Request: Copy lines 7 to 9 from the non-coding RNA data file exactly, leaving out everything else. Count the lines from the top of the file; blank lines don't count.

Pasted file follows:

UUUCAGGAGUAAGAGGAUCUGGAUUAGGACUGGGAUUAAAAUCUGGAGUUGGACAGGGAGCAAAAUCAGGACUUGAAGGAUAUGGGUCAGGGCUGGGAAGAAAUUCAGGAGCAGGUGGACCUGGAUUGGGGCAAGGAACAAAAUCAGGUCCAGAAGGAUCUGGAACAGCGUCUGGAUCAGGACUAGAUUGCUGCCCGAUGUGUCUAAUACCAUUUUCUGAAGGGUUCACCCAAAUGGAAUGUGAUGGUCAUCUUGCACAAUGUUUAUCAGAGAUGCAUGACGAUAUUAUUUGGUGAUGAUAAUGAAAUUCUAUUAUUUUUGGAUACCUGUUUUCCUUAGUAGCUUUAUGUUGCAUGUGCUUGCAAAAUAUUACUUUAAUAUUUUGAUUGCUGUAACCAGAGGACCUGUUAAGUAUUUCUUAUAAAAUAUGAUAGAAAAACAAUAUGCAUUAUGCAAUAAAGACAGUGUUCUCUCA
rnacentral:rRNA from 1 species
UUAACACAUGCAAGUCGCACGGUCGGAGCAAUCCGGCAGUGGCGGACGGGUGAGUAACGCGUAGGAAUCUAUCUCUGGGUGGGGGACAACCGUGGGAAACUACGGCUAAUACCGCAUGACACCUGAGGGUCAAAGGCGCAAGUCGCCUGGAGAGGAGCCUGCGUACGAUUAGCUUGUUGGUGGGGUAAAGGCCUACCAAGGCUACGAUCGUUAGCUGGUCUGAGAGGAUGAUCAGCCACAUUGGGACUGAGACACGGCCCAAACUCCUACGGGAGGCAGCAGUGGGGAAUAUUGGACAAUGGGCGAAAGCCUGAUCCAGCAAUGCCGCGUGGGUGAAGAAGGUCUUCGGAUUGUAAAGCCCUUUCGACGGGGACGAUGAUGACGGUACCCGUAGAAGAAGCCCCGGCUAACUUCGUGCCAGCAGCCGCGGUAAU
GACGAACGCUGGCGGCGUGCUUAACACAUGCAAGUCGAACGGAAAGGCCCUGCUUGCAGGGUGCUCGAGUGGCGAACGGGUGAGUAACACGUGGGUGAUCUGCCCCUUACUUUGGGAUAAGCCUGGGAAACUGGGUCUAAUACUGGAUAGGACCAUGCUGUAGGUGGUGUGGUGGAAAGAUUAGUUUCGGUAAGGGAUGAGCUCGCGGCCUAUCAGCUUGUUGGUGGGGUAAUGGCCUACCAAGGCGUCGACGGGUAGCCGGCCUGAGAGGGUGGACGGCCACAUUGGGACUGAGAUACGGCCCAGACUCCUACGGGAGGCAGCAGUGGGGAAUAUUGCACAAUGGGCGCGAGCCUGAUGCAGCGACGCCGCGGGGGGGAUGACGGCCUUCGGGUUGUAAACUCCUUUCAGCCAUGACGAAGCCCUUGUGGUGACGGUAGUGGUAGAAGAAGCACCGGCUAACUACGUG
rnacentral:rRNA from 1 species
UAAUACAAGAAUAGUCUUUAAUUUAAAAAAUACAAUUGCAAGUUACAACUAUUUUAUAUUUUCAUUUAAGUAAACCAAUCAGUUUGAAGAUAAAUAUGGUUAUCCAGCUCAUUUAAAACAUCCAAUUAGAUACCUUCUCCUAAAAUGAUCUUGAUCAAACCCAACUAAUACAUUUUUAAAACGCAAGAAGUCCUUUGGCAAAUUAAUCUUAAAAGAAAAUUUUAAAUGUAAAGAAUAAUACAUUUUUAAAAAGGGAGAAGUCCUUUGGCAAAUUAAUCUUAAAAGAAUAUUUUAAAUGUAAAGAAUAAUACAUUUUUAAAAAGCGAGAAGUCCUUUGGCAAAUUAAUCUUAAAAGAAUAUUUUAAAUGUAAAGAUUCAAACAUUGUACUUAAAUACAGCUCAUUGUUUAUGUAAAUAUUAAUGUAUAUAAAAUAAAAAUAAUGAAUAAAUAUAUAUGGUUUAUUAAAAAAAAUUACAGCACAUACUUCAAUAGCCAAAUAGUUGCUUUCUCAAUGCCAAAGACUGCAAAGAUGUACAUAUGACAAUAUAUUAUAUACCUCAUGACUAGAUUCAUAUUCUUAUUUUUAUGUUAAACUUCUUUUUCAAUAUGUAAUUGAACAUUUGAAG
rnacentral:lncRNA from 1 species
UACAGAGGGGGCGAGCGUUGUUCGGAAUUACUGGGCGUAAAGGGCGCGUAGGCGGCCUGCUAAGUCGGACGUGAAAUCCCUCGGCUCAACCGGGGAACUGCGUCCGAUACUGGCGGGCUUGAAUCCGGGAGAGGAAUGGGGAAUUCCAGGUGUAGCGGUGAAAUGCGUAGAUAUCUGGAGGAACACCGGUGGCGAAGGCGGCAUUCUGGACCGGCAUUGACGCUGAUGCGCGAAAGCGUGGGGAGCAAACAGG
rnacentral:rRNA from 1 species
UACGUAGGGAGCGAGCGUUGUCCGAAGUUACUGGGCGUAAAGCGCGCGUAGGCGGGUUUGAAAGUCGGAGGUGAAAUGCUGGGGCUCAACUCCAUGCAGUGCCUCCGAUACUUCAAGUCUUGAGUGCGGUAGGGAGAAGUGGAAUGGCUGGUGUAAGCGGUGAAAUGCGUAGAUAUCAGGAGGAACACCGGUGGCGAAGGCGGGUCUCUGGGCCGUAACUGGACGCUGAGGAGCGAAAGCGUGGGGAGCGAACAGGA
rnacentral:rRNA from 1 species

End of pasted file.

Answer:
rnacentral:lncRNA from 1 species
UACAGAGGGGGCGAGCGUUGUUCGGAAUUACUGGGCGUAAAGGGCGCGUAGGCGGCCUGCUAAGUCGGACGUGAAAUCCCUCGGCUCAACCGGGGAACUGCGUCCGAUACUGGCGGGCUUGAAUCCGGGAGAGGAAUGGGGAAUUCCAGGUGUAGCGGUGAAAUGCGUAGAUAUCUGGAGGAACACCGGUGGCGAAGGCGGCAUUCUGGACCGGCAUUGACGCUGAUGCGCGAAAGCGUGGGGAGCAAACAGG
rnacentral:rRNA from 1 species